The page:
Pandemic experts warn that the transmission mechanism of the next health crisis will come through the air and in this regard they demand to apply the lessons learned with the coronavirus -SARS-CoV-2- which has shown that “solidarity, cooperation and preparation global” are “keys” to give “a rapid response”.

This has been pointed out by the speakers participating in the I International Summit on Pandemic Management organized by the Valencia City Council, which is part of the European STAMINA project, in which 38 organizations representing 19 countries participate and which has had the presence of specialists such as the director of the Center for Coordination of Health Alerts and Emergencies of the Ministry of Health, Fernando Simón, or the researcher of the Higher Council for Scientific Research Margarita del Val.

In this regard, the virologist Margarita del Val warns that “right now you cannot think of a next pandemic caused by something that is transmitted through water or food, because it would be a local epidemic, however another one can return to us due to the air”. Thus, she explains that “in the 19th century it was learned with the cholera epidemics that drinking water must be perfectly separated from wastewater and that by making water drinkable, deaths are avoided and life expectancy has been increased”.

Now SARS-CoV-2 has shown that the transmission mechanism is through the air and we must learn from this teaching: “you have to clean the air”. However, he regrets that buildings “increasingly intelligent to save energy, but less and less healthy for the transmission of respiratory diseases” are being built.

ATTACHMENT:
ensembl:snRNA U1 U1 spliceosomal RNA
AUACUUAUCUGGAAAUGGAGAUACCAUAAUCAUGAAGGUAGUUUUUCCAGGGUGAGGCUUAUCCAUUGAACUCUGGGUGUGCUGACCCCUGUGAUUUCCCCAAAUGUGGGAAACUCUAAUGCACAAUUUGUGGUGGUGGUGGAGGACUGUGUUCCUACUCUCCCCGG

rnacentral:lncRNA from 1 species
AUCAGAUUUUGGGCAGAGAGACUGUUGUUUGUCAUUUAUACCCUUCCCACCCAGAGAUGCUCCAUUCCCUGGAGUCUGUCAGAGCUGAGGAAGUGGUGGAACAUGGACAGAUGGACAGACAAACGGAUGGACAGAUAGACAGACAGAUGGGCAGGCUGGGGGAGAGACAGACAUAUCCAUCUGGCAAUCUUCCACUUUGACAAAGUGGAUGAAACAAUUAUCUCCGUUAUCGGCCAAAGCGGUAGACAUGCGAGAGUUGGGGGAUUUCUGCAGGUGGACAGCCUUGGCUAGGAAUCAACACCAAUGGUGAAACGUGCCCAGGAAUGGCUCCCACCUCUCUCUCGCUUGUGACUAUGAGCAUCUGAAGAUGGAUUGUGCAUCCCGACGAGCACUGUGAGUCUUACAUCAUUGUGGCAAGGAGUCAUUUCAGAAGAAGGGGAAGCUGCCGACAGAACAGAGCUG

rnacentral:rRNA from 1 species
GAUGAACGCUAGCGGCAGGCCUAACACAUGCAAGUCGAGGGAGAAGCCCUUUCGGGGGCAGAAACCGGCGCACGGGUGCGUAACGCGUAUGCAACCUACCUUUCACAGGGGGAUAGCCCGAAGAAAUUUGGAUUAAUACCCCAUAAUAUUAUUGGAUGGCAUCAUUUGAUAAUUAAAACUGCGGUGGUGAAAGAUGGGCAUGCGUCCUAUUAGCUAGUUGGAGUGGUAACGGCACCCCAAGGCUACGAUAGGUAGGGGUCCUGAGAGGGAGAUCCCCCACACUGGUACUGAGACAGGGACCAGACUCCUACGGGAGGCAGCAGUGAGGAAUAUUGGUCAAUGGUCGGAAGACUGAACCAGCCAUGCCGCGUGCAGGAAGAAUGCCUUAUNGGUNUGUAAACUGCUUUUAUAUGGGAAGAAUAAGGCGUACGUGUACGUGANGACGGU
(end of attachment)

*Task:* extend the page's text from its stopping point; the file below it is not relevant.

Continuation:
For this reason, he insists that “cleaner air” must be achieved with the widespread installation of CO2 meters that allow knowing when there is a risk of contagion, as they have done in schools and universities. In this sense, he calls for a state regulation to guarantee clean air that would also avoid having to permanently open the windows with the consequent energy expenditure.

Del Val emphasizes that this clean air must be an enforceable right: “That I don’t have to filter my air when I have to breathe it, just as I don’t filter my water when I have to drink it. If I don’t share my glass of water with everyone in a restaurant, I also don’t have to share my air with everyone in a closed room.”

For his part, the director of the Center for Coordination of Health Alerts and Emergencies, Fernando Simón, pointed out that the covid has shown that it is necessary to be prepared to face a new crisis through a global coordinated response and that Spain prepare with a single health system, plans with a multisectoral approach and clearly delimit decision-making.

In this sense, it was pointed out that the response to this pandemic “did not start from scratch” since there was previous experience of health outbreaks in the first twenty years of the 21st century, such as SARS-Cov-1 or Salmanellosis. “We were prepared for similar situations, but not for the magnitude of SARC Cov-2,” he acknowledges.

Simón relates that if until now we were used to short-term and local crises or pandemics that were controlled in the initial stages, we have learned from covid that a global response and long-term management is required because “we do not deal with a few people but with the entire population and the population has its limits when it comes to enduring the restrictions ».